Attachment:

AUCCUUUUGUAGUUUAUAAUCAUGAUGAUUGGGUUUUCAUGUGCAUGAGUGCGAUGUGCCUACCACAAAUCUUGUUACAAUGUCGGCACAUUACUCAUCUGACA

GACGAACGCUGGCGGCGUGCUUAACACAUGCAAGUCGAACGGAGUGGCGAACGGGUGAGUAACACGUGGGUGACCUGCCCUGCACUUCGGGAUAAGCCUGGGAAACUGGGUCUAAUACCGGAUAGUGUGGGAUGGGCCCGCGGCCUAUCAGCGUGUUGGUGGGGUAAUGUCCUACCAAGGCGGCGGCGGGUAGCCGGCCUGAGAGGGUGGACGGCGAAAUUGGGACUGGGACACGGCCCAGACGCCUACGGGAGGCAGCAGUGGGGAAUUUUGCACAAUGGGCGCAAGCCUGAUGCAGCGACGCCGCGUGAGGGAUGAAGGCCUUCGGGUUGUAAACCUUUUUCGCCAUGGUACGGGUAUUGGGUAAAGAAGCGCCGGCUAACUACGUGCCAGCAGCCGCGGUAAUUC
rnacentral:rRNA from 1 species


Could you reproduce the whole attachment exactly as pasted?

AUCCUUUUGUAGUUUAUAAUCAUGAUGAUUGGGUUUUCAUGUGCAUGAGUGCGAUGUGCCUACCACAAAUCUUGUUACAAUGUCGGCACAUUACUCAUCUGACA

GACGAACGCUGGCGGCGUGCUUAACACAUGCAAGUCGAACGGAGUGGCGAACGGGUGAGUAACACGUGGGUGACCUGCCCUGCACUUCGGGAUAAGCCUGGGAAACUGGGUCUAAUACCGGAUAGUGUGGGAUGGGCCCGCGGCCUAUCAGCGUGUUGGUGGGGUAAUGUCCUACCAAGGCGGCGGCGGGUAGCCGGCCUGAGAGGGUGGACGGCGAAAUUGGGACUGGGACACGGCCCAGACGCCUACGGGAGGCAGCAGUGGGGAAUUUUGCACAAUGGGCGCAAGCCUGAUGCAGCGACGCCGCGUGAGGGAUGAAGGCCUUCGGGUUGUAAACCUUUUUCGCCAUGGUACGGGUAUUGGGUAAAGAAGCGCCGGCUAACUACGUGCCAGCAGCCGCGGUAAUUC
rnacentral:rRNA from 1 species